My Great-Grandmother is AWOL!
Have you ever had a time when you couldn’t find a family in a particular record set, like a census? You are positive the family is in a certain place but you just can’t find them on FamilySearch.org. That has happened to me before! It was so frustrating I felt like filing a missing persons report! There are a variety of reasons why this can happen. Here I will explore some of those reasons and arm you with tools and strategies for finding elusive ancestors in FamilySearch records.
I will focus my example on US Census records, but many of these could apply to other record sets as well. I found my Great-Grandmother, Ruby Ruth Zufelt Crouse, in the 1910 Census, 1930 Census, and the 1940 Census. In addition, I had attached these sources to the appropriate family members in the FamilySearch Family Tree. I wanted to find the family in the 1920 Census.
Broaden Your Search
The first thing to try is simply to broaden your search. By this I mean REMOVE some of the search criteria that you entered. In the example below, I have entered my Great-Grandmother’s name, birth place, and the exact year she was born. Amazingly, I got zero results. Perhaps this is because the records where she might be found do not match a name, birthplace, or age.
Try these strategies one at a time:
- Expand the range of years when the individual could have been born. Ages can vary dramatically from census to census. So this simple strategy will often yield dividends. I would try a range of 5 extra years on either side of what you consider the “actual” birth year. If this gives you too many invalid results you can tighten it up a bit.
- Be less specific on the place. Remove the town, then the county, or even the state, if necessary. If you search for someone born in North Carolina, it may not show a census record where it was reported that he or she was born in Virginia.
- For females, try replacing the maiden name with the married name. You may have more luck finding her as a married woman rather than as a child.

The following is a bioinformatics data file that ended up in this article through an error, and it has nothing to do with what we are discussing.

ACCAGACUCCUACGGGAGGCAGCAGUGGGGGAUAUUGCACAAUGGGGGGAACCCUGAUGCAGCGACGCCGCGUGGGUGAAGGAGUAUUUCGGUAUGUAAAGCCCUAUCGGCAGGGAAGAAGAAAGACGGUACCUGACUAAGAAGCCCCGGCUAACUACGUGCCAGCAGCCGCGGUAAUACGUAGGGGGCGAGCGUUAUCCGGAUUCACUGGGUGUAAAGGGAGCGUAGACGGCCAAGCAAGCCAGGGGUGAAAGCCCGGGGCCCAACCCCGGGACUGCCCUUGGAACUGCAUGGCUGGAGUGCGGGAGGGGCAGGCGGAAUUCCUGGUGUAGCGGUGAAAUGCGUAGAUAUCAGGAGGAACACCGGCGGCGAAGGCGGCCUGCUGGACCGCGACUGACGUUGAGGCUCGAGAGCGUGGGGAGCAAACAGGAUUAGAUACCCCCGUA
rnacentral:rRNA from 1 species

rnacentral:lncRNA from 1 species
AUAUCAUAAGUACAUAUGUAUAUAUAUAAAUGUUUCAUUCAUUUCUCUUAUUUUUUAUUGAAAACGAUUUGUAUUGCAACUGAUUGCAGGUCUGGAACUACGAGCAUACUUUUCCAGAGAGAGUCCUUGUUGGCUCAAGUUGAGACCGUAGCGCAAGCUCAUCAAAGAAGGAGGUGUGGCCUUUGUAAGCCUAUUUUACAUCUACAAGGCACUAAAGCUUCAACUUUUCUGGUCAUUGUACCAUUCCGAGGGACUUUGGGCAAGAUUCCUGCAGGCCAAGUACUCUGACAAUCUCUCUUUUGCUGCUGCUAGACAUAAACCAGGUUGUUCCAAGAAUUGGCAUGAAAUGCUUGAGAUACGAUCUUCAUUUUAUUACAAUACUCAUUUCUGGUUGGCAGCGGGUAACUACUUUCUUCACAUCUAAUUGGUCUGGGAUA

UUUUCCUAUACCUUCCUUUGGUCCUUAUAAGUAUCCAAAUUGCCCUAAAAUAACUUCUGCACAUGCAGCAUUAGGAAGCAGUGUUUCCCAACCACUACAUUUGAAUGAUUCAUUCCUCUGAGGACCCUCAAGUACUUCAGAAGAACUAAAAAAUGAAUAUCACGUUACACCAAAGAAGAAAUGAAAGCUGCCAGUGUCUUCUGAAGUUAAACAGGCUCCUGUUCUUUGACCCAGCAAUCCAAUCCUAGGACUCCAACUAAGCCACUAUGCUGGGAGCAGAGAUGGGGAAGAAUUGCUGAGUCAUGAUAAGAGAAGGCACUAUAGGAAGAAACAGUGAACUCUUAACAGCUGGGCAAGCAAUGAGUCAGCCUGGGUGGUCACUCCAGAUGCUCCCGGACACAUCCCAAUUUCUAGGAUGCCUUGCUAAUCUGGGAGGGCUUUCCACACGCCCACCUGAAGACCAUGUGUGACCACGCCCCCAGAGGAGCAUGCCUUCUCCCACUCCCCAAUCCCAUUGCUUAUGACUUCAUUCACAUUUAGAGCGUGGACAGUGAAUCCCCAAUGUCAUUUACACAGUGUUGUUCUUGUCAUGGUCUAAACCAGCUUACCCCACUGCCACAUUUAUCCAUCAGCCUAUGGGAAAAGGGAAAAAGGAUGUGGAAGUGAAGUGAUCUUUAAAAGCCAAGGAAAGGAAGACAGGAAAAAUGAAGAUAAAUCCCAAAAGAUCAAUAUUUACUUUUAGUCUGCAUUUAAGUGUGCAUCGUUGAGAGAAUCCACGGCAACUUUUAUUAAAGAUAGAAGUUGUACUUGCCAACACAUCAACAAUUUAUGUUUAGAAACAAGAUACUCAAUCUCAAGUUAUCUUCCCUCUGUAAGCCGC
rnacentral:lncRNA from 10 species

- Remove middle names, initials, etc. If you know that ancestor used their middle name instead of their first name, then remove the first name.
- Try spelling variants or even a wildcard. Some names have multiple spellings – even within the same family. “Standardized” spelling – particularly with family names – wasn’t really a common thing until late in the 19th century. For example, I have an ancestor whose name is spelled Clemmons, Clemens, and Clements on different documents. Typing a wildcard (*) such as “Clemen*” would return both Clemens and Clements. Just keep in mind it would also return Clementine and Clemency, etc.
These ideas are great, but what if you still can’t find the record you are looking for?
Images and Indexes
Before we move to the next strategy, we must remember that when dealing with historical record sets in genealogy they consist of both images and indexes. An organization has gone to great time and expense to image this historical records either by scanning, photographing, or other specialized equipment. The process is similar whether the source is paper or microfilm. The result of this effort is millions upon millions of images of historical records that are useful in genealogical research.
However, without the index information the images are of limited value. Adding index information suddenly makes the information searchable! Key information from the historical record is transcribed or indexed and entered into an enormous database. Then, when you perform a search the system takes the information you have input and compares it to all the information it has in its database. It even does some “‘fuzzy matching” to return results that don’t exactly match, but that are close. It does this in case the information you input is incorrect, or if the database is incorrect. However, mis-indexed records can be a real problem. Sometimes even the fuzzy matching doesn’t help you find the document you are looking for.
So, what do you do when a historical record has been mis-indexed on FamilySearch.org? It can be extremely frustrating because it makes it almost impossible to search and find. Without an accurate index your ancestors are essentially “hiding” in a pile of millions of imaged records. (By the way, un-indexed images can still be useful, but the strategies are very different!).
After trying all of the strategies above to broaden the search and find Ruby Ruth Zufelt, I still got no results. I was having no luck at all finding elusive ancestors in FamilySearch records. My guess was that the record must be mis-indexed in FamilySearch.
Sometimes the best strategy for finding elusive ancestors in FamilySearch is to look somewhere else!
At this point I returned to her detail page and clicked on the Ancestry link to do a search there. Ancestry displayed the record immediately. However, the family name was indexed as “Zufeld” instead of “Zufelt.” It was actually written that way on the census record as well (no blame for the indexer this time!)
I was so happy to finally find the census! From this census I learned that by 1920, Ruby’s older brother (Samuel, age 21) was already out of the house and on his own. Perhaps more importantly, I confirmed that the family had moved from Duncan, Greenlee County, to Phoenix, Maricopa County.
In a future post I will talk about how to get this record source attached in FamilySearch!
Please share your strategies for finding elusive ancestors in FamilySearch!